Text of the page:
We’re in the thick of COVID-19 and it’s having significant impacts on the traditional face-to-face workshop that many of us have defaulted to for years – not to mention participants!
The thing is, that learning has been designed and delivered in many ways beyond face-to-face for years. I’ve long been a fan of learning happening in the work, when it is most relevant. Current circumstances make it a non-negotiable philosophy (read more in this post)!
So, if you’ve got a traditional face-to-face learning event that needs a quick adaptation because people aren’t gathering in groups due to COVID-19, here are 4 steps to get you on the right track quick smart:
Step 1: Explore all the ways of learning
This is about getting into the right headspace for making changes to your existing program. If you know much about 70:20:10 as a model for learning at work (and I know it has its detractors, but it’s perfect for broadening our thinking in this context), you’ll know that learning happens in many ways beyond the formal classroom environment.
So, with 70:20:10 in mind, here is an example of some of the ways that people could learn at work (not limited to…):
20: coaching / mentoring
10: formal learning
Continuous improvement activities
Line manager coaching
External executive coach
Social learning platforms
Step 2: Chunk down the content
Go to the learning objectives of your existing workshop and map them to the content. Usually this is already done for you just by looking at the agenda. What you’ll find is that whatever you had planned to deliver in a room across a whole day could be chunked down into easily consumable modules of content.
As an example, here are the content elements and learning objectives for a conflict management workshop I designed a few years ago:
- Conflict types and definitions
- Personal responses to conflict
- Tools and techniques for de-escalating and managing conflict (with consideration to confined spaces)
- Opportunities for practice and feedback
Content topics aligned to learning objectives
· Conflict types and definitions
· Personal responses to conflict
· Tools and techniques
· Opportunities for practice and feedback
Step 3: Modularise into events
Now, think about how you can take your chunks of content and bring them to life in different ways. I go by simple formula for any learning regardless of modality and that is:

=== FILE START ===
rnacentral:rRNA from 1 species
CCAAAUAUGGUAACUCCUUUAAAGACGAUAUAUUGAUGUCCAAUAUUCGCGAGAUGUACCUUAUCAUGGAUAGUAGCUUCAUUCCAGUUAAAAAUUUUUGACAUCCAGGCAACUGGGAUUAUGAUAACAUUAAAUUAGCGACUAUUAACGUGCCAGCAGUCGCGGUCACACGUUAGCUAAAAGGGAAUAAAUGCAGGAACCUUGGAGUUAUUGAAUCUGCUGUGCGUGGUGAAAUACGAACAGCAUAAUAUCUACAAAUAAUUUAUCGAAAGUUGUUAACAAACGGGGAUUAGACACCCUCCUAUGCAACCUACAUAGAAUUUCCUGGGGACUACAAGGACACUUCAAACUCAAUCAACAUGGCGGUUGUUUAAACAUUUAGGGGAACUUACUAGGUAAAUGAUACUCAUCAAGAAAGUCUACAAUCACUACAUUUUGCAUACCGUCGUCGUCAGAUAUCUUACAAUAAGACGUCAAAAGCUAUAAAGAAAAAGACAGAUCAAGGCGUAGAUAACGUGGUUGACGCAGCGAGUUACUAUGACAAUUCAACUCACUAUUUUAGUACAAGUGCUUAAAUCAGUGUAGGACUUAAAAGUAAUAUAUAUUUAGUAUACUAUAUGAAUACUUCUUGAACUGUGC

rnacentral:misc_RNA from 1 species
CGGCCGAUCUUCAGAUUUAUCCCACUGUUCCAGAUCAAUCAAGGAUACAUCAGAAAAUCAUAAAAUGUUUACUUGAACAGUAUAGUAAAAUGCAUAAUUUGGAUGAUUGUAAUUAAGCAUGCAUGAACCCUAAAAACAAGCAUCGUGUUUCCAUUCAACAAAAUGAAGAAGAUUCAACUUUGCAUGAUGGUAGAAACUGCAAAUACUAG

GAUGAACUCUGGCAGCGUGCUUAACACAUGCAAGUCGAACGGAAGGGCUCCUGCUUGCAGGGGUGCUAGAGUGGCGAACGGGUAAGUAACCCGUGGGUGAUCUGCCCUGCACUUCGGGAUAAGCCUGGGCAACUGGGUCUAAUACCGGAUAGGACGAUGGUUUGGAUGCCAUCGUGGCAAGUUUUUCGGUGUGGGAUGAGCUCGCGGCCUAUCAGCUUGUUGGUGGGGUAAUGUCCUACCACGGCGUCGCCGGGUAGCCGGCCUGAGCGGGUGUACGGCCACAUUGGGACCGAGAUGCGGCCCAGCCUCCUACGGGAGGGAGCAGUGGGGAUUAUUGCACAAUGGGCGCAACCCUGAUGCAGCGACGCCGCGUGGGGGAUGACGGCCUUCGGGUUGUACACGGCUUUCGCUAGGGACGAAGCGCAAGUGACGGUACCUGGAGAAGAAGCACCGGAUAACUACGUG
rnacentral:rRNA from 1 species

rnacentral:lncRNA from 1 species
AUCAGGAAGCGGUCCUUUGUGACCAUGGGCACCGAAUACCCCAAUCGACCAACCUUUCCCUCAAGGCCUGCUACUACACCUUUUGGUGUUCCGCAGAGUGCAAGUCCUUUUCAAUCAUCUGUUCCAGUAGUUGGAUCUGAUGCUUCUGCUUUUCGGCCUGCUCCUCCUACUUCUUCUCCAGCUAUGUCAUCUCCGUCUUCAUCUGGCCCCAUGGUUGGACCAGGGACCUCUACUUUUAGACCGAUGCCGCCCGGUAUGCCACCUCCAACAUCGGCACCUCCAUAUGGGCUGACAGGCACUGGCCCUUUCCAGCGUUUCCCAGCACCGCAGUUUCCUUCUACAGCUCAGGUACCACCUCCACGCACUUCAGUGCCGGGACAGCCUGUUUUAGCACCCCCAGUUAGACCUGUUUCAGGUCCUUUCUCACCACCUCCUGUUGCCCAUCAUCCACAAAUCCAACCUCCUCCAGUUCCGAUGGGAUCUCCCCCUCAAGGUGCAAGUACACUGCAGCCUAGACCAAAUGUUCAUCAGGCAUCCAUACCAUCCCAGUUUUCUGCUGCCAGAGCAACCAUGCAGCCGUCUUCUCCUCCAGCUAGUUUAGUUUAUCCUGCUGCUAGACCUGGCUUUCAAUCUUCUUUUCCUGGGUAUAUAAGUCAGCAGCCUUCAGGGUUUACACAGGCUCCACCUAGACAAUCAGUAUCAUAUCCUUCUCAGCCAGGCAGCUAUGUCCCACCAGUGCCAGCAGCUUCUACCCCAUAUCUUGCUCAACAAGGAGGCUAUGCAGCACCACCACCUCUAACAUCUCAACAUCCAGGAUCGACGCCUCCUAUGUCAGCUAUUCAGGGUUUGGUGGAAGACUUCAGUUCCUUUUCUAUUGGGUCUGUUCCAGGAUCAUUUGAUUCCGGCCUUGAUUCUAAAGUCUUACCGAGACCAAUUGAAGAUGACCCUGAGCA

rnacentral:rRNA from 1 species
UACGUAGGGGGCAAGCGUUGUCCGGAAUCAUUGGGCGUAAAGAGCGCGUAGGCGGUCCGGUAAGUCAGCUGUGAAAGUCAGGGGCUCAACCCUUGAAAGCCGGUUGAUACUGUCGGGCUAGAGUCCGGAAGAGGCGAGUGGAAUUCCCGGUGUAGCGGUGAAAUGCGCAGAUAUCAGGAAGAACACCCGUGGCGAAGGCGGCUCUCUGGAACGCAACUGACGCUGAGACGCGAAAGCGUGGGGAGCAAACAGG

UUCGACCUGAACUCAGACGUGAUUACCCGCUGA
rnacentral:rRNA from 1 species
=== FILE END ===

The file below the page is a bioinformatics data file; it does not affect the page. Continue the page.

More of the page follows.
- Provide relevant CONTENT
- Create ways for people to CONNECT and make sense of the content
- Agree ways to COMMENCE putting new insights into action
For alternative ways of delivering my ‘Conflict types and definitions’ content beyond face to face, it might look something like:
Email an infograph to participants of the main conflict types from the original participant workbook.
Schedule a 60 minute virtual session with participants to attend a group discussion based on the question: “for each conflict type, what is an example of how it plays out in your area of work?”
Facilitate the virtual session for participants on pooling together responses to the question you sent. You may do this on webex and utilise whiteboard functions, chat, etc.
Follow up virtual session with an action item for participants to lead a discussion with their peers at work on the types of conflict they experience and would like to focus on improving in their work area.
Send a nudge to participants to post the outcome of their action item on a shared discussion board of some kind (Yammer, Microsoft Teams, etc.).
Step 4: Communicate the journey
If you are transitioning a face-to-face workshop to a modularised self-paced or online learning solution right now during the COVID-19 outbreak, there is a pretty good chance that many other things are being disrupted for your participants, so you’ll need to communicate two things in particular:
- Very clearly why this learning solution is still relevant in amongst all the noise of the moment and won’t take up more of their time and cognitive energy to participate in.
- How your new structure will work end-to-end for people, the role they will play and the role that you will play in delivering and leading the learning.
Often, with this approach to learning, you’re actually asking participants to take more of a lead in their own learning and how they contribute to the learning of the group, so these dots often need to be joined for people to get a better rate of useful participation.
It also helps to ‘over communicate’ a little during your program. Without over doing it, regular email or messaging nudges to help keep momentum of action as well as recognising and celebrating with the participant group when people are contributing positively and helping each other gain insights along the way!
Now… get started!
So, there you have it. Not turning the world upside down, just tweaking a solution that has already had all the hard work done on it.
We are in the age if adaption. COVID-19 is a call to action. Our context changes all the time, so the need for learning and growth will continue. We need to be able to adapt to that need as an ongoing skill!
If this post got you thinking and you want to move to action but not sure of your first step, book a free 10 minute POWER-chat with Lachlan to work through your ideas – Click here
Lachlan’s commitment to helping people succeed in the future of work is driven by core values of inclusive leadership, strength-based growth, development for all, customer-led design, and deep relationships.